Discussions Ongoing Between Gov’t, U.S.-based Manufacturers for COVID-19 Vaccines: NK Arora
Airports Authority of India’s Srinagar International Airport delivers medical essentials and vaccination for frontline workers May 31, 2021. (ANI photo)
By SHALINI BHARDWAJ/ANI
NEW DELHI – Discussions and negotiations are still not over between the Indian government and U.S.-based COVID-19 vaccine manufacturers for procuring their vaccine, said Dr. NK Arora, chief of the National Immunization Technical Advisory Group, Aug. 2.
“As I understand there are negotiations going on between the government and U.S.-based manufacturers. It is not only Moderna and Pfizer but also Johnson and Johnson involved in the discussion,” he said in an exclusive interview with ANI. It is not certain when these discussions will conclude, he further said.
Arora added that even for donating vaccines to India, the U.S.-based manufacturers have to fulfill paperwork regarding indemnity and liability clauses.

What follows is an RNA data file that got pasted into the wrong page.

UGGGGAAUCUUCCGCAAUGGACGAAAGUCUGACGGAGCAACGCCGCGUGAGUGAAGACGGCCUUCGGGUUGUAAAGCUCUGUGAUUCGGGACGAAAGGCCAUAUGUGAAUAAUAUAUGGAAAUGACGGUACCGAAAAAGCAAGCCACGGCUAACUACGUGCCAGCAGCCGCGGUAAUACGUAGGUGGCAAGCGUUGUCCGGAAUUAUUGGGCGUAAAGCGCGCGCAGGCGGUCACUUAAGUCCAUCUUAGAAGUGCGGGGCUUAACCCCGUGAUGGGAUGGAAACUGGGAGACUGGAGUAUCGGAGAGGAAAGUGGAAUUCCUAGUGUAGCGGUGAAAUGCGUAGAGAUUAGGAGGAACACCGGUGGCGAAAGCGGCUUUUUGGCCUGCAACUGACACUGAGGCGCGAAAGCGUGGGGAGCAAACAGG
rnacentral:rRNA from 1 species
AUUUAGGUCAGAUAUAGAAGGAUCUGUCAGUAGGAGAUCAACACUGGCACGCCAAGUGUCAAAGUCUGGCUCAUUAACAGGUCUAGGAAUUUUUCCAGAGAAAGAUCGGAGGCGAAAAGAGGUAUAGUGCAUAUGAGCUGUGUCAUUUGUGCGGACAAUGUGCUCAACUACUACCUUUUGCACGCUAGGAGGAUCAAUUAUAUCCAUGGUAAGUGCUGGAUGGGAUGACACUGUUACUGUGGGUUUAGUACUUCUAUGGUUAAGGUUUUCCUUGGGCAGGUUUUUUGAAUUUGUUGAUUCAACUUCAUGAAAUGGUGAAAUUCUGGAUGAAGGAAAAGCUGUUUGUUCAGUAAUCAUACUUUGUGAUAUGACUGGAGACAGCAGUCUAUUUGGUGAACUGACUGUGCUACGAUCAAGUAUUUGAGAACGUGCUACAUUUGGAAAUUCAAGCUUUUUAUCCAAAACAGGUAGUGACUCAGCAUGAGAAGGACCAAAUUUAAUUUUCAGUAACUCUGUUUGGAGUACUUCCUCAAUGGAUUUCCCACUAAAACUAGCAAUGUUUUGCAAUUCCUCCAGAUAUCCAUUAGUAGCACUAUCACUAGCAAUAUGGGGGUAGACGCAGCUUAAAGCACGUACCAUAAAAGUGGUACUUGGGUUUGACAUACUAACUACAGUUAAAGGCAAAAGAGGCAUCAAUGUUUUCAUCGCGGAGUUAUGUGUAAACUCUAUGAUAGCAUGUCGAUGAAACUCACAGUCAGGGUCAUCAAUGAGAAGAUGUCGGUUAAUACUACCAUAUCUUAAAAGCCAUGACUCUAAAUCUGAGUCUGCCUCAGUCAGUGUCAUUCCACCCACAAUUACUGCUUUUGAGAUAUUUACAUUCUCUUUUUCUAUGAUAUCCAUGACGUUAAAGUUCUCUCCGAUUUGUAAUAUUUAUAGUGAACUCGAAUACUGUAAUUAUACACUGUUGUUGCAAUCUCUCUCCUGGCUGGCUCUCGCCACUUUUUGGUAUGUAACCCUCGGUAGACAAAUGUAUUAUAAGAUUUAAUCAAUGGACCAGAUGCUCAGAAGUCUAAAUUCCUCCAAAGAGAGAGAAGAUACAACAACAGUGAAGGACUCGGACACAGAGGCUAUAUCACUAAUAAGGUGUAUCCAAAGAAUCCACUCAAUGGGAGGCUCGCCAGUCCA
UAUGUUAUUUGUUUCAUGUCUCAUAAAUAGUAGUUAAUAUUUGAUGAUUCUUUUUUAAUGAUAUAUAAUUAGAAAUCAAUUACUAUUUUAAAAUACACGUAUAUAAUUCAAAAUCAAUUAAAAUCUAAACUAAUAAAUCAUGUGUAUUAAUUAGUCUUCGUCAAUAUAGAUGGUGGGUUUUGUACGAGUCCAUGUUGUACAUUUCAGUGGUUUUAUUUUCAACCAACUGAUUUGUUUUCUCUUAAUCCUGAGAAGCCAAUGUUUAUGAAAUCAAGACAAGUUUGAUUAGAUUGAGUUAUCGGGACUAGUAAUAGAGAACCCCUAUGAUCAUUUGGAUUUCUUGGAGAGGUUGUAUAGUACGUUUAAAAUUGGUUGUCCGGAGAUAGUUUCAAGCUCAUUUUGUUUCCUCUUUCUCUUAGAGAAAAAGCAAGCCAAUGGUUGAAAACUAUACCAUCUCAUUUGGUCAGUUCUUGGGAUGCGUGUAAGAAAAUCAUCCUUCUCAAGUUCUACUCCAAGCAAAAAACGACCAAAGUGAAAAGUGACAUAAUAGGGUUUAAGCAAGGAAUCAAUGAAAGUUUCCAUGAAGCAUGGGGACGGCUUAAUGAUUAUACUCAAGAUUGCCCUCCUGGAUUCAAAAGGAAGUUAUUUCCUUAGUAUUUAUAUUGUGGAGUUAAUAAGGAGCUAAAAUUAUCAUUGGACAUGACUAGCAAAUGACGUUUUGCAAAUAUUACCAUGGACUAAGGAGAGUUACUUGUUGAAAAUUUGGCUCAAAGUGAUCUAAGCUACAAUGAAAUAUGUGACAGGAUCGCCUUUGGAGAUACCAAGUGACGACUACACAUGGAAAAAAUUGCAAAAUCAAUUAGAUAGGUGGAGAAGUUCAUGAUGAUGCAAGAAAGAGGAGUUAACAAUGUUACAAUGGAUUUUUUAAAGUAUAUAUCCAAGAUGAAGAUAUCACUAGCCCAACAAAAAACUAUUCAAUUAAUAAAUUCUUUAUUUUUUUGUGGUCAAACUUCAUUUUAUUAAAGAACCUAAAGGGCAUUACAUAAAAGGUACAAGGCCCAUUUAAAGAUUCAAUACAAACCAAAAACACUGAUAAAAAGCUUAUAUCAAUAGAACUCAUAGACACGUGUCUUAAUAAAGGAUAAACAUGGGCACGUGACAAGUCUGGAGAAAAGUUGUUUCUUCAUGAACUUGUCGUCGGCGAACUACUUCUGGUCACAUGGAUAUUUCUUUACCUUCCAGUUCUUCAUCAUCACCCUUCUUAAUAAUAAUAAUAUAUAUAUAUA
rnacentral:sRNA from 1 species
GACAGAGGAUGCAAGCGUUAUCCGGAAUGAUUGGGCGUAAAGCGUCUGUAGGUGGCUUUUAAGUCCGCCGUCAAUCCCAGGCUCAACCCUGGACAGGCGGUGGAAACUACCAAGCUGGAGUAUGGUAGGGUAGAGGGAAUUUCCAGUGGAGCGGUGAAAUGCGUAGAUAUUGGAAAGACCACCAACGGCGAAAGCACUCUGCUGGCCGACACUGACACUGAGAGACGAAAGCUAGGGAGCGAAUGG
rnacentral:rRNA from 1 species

“Even at WHO’s COVAX facility, the issue about indemnity and liability clauses has been raised. The U.S.-based manufacturers have to submit paperwork to donate doses to other countries. Indemnity and liability clauses have to be fulfilled; thus, I am not very certain when that kind of discussion will be over,” he noted.
According to Arora, the country’s target of completing COVID-19 vaccination of adults by the end of the year does not take into account the availability of U.S.-based vaccines.
“I must emphasize that in our estimation of vaccine availability, and our capability of vaccinating adults by the end of this year does not take into account any of these vaccines. We are waiting for Zydus Cadila’s ZyCoV-D, which is the world’s first plasmid DNA vaccine, and Moderna’s mRNA-1273. In fact, Sputnik V and Biological E vaccines have committed to providing 30 crore doses by the end of this year,” informed Arora.
Ahmedabad-based Zydus Cadila has submitted data on its three-dose COVID-19 vaccine ZyCoV-D to India’s drug regulator, Drugs Controller General of India, for emergency use authorization. However, the decision has been under review by the regulator’s Subject Expert Committee.
“Some more data and analysis have been asked by the expert group and hopefully we should be able to hear back from DCGI’s Subject Expert Committee about these issues. However, all of us are very hopeful that this vaccine will be available,” he said.
Zydus Cadila had on July 1 requested emergency use approval for ZyCoV-D, its three-dose COVID shot – the world’s first plasmid DNA vaccine for human use. If approved, it will be the country’s second indigenous vaccine after Bharat Biotech’s Covaxin.